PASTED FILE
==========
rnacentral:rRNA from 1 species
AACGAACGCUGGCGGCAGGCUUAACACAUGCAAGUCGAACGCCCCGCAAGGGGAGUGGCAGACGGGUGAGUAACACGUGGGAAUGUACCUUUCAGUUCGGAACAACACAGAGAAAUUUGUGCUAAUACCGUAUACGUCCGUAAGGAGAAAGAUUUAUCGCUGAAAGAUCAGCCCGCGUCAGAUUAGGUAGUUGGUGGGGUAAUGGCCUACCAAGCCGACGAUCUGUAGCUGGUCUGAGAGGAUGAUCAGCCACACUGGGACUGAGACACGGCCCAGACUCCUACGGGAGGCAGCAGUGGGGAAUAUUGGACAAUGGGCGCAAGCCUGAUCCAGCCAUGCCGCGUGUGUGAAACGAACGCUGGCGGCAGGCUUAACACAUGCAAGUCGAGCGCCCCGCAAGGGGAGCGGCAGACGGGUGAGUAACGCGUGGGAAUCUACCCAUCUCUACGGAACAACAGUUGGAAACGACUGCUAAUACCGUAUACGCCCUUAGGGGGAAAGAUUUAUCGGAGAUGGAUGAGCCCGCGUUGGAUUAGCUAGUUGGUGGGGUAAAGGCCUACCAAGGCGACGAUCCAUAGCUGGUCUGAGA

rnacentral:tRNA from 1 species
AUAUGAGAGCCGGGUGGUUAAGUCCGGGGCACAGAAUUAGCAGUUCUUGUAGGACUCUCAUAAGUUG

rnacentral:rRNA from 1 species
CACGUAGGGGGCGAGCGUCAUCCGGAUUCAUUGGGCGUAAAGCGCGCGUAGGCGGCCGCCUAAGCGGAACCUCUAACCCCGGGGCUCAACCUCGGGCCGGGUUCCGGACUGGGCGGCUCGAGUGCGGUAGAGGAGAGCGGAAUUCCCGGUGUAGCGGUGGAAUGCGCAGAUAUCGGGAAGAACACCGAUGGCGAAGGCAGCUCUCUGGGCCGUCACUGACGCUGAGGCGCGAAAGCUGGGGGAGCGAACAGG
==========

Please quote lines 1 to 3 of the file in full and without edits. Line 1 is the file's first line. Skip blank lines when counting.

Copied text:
rnacentral:rRNA from 1 species
AACGAACGCUGGCGGCAGGCUUAACACAUGCAAGUCGAACGCCCCGCAAGGGGAGUGGCAGACGGGUGAGUAACACGUGGGAAUGUACCUUUCAGUUCGGAACAACACAGAGAAAUUUGUGCUAAUACCGUAUACGUCCGUAAGGAGAAAGAUUUAUCGCUGAAAGAUCAGCCCGCGUCAGAUUAGGUAGUUGGUGGGGUAAUGGCCUACCAAGCCGACGAUCUGUAGCUGGUCUGAGAGGAUGAUCAGCCACACUGGGACUGAGACACGGCCCAGACUCCUACGGGAGGCAGCAGUGGGGAAUAUUGGACAAUGGGCGCAAGCCUGAUCCAGCCAUGCCGCGUGUGUGAAACGAACGCUGGCGGCAGGCUUAACACAUGCAAGUCGAGCGCCCCGCAAGGGGAGCGGCAGACGGGUGAGUAACGCGUGGGAAUCUACCCAUCUCUACGGAACAACAGUUGGAAACGACUGCUAAUACCGUAUACGCCCUUAGGGGGAAAGAUUUAUCGGAGAUGGAUGAGCCCGCGUUGGAUUAGCUAGUUGGUGGGGUAAAGGCCUACCAAGGCGACGAUCCAUAGCUGGUCUGAGA

rnacentral:tRNA from 1 species